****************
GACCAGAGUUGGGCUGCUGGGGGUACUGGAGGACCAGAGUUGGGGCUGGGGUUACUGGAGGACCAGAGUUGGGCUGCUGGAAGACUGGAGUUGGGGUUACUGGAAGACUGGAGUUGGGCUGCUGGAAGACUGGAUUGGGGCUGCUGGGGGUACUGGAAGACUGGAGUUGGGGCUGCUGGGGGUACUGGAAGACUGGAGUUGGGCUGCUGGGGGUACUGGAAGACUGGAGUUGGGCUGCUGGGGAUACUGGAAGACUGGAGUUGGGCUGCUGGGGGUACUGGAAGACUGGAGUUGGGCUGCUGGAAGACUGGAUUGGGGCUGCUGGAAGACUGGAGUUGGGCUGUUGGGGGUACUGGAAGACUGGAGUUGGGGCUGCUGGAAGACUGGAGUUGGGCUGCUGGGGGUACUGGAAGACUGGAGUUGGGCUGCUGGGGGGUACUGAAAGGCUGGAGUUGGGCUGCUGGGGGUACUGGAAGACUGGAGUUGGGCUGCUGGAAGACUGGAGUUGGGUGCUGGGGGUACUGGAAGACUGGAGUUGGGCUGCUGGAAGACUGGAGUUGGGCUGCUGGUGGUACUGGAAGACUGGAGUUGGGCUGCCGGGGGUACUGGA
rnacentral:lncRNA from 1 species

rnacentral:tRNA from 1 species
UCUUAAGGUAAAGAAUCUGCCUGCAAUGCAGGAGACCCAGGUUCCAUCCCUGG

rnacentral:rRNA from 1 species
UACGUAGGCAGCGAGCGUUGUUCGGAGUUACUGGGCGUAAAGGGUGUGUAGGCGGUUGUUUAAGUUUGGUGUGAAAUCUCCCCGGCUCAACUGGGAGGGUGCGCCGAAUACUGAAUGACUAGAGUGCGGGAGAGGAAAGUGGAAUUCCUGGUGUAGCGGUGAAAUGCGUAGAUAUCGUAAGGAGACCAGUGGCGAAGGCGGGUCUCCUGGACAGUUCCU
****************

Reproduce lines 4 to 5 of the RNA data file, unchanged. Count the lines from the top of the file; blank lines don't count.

UCUUAAGGUAAAGAAUCUGCCUGCAAUGCAGGAGACCCAGGUUCCAUCCCUGG

rnacentral:rRNA from 1 species